Liner notes  

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"But the main point is that I'm trying to bring out what I call the sonic fiction of records, which is the entire kind of series of things which swing into action as soon as you have music with no words. As soon as you have music with no words, then everything else becomes more crucial: the label, the sleeve, the picture on the cover, the picture on the back, the titles. All these become the jump-off points for your route through the music, or for the way the music captures you and abducts you into its world. So all these things become really important. So a lot of the main sources of the book are from sleeve notes; they're the main thing. A lot of the book talks about sleeve note artists. It talks about the guys who did the covers for those Miles Davis sleeves, this guy Mati Klarwein, another guy Robert Springett, who did the covers for Herbie Hancock's early 70s albums. From them to this guy Dave Nodds who did all the early Suburban Base covers of DJ Hype, where DJ Hype looks like Judge Dredd. There's this single, "The Trooper", and DJ Hype is on the cover, and he's got two decks strapped to his side. He's got the cross fader, the plus and minus, across his middle. He's got these guns, which I think are actual vinyl themselves. It's sound as a weapon, sound as a military instrument that you can kill people with. It's total Judge Dredd; it's mechanismo, basically. -- [1], see Cybernetic Culture Research Unit

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Liner notes (also sleeve notes or album notes) are the writings found on the sleeves of LP record albums and in booklets which come inserted into the compact disc jewel case or the equivalent packaging for vinyl records and cassettes. Sleeve note fiction is a concept first brought forward by Kodwo Eshun (see inset).



Liner notes are descended from the program notes for musical concerts, and developed into notes that were printed on the inner sleeve used to protect a traditional 12-inch vinyl record, i.e., long playing or gramophone record album. The term descends from the name "record liner" or "album liner". Album liner notes survived format changes from vinyl LP to cassette to CD. These notes can be sources of information about the contents of the recording as well as broader cultural topics.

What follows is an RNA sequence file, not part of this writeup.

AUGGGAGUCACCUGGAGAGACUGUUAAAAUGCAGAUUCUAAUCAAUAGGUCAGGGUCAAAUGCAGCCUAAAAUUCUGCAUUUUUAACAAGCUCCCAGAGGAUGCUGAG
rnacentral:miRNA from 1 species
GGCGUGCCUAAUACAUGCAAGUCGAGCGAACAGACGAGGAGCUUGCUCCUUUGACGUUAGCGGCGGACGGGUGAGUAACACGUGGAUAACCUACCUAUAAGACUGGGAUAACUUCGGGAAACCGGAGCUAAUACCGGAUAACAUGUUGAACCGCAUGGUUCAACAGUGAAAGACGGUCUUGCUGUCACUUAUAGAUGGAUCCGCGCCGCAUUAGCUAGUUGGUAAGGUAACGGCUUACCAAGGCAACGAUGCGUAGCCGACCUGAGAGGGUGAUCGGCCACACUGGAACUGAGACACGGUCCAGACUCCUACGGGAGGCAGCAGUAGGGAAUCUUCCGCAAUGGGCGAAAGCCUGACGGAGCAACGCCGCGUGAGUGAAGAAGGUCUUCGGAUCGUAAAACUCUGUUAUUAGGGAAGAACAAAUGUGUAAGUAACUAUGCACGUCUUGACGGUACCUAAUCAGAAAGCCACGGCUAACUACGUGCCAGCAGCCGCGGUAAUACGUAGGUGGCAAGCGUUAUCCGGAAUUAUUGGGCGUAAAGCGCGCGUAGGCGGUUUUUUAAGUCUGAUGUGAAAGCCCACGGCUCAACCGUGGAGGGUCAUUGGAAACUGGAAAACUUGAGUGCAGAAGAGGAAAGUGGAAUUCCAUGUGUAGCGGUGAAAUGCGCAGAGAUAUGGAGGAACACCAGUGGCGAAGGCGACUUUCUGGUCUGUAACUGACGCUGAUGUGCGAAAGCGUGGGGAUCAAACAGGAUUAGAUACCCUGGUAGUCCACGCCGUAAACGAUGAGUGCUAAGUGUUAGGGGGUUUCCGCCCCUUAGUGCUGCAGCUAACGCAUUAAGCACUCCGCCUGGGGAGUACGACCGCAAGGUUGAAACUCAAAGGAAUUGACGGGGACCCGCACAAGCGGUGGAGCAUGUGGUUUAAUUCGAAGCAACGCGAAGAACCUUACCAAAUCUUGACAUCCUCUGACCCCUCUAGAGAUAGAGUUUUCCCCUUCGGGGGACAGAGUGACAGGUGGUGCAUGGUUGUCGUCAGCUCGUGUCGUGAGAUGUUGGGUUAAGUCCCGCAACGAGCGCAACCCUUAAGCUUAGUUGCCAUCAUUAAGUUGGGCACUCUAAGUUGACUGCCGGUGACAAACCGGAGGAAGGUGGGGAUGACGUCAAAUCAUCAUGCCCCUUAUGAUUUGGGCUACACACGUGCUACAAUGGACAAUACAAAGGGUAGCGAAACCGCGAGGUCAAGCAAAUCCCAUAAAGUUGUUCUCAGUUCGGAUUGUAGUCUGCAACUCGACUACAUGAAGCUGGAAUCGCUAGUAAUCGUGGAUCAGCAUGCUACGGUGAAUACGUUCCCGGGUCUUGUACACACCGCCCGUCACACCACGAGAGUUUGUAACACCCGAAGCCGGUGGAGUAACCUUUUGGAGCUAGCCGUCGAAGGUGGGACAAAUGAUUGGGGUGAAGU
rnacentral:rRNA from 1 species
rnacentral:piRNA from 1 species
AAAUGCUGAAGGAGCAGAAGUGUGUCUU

Common material

Such notes often contained a mix of factual and anecdotal material, and occasionally a discography for the artist or the issuing record label. Liner notes were also an occasion for thoughtful signed essays on the artist by another party, often a sympathetic music journalist, a custom that has largely died out. However, the liner note essay has survived in retrospective compilations, particularly in box sets. It is also a tradition in Japan especially for foreign artist releases in Japan. Many CD liner notes include complete song lyrics for the album.


Liner notes now usually include information about the musician, lyrics, a personnel list, and other credits to people the musicians want to thank and people or companies involved in the production of the music. They also can give details on the extent of each musical piece, and sometimes place them in historical or social context. Liner notes for classical music recordings often provide information in several languages; if the piece includes vocal parts, they will often include a libretto, possibly also translated into several languages.


Liner notes sometimes provide metadata that can help when cataloguing private or public collections of sound recordings. However, the information provided on liner notes varies considerably depending on the studio or label which produced the record.

Digital liner notes

Increasingly and due to the rise of digital downloads, a digital booklet is being introduced to compensate for the lack of a physical booklet. Apple Inc. also introduced iTunes LP which features interactive menus instead of simple pages.


A Grammy Award for Best Album Notes has been given annually since 1964.

See also

See also

Unless indicated otherwise, the text in this article is either based on Wikipedia article "Liner notes" or another language Wikipedia page thereof used under the terms of the GNU Free Documentation License; or on research by Jahsonic and friends. See Art and Popular Culture's copyright notice.

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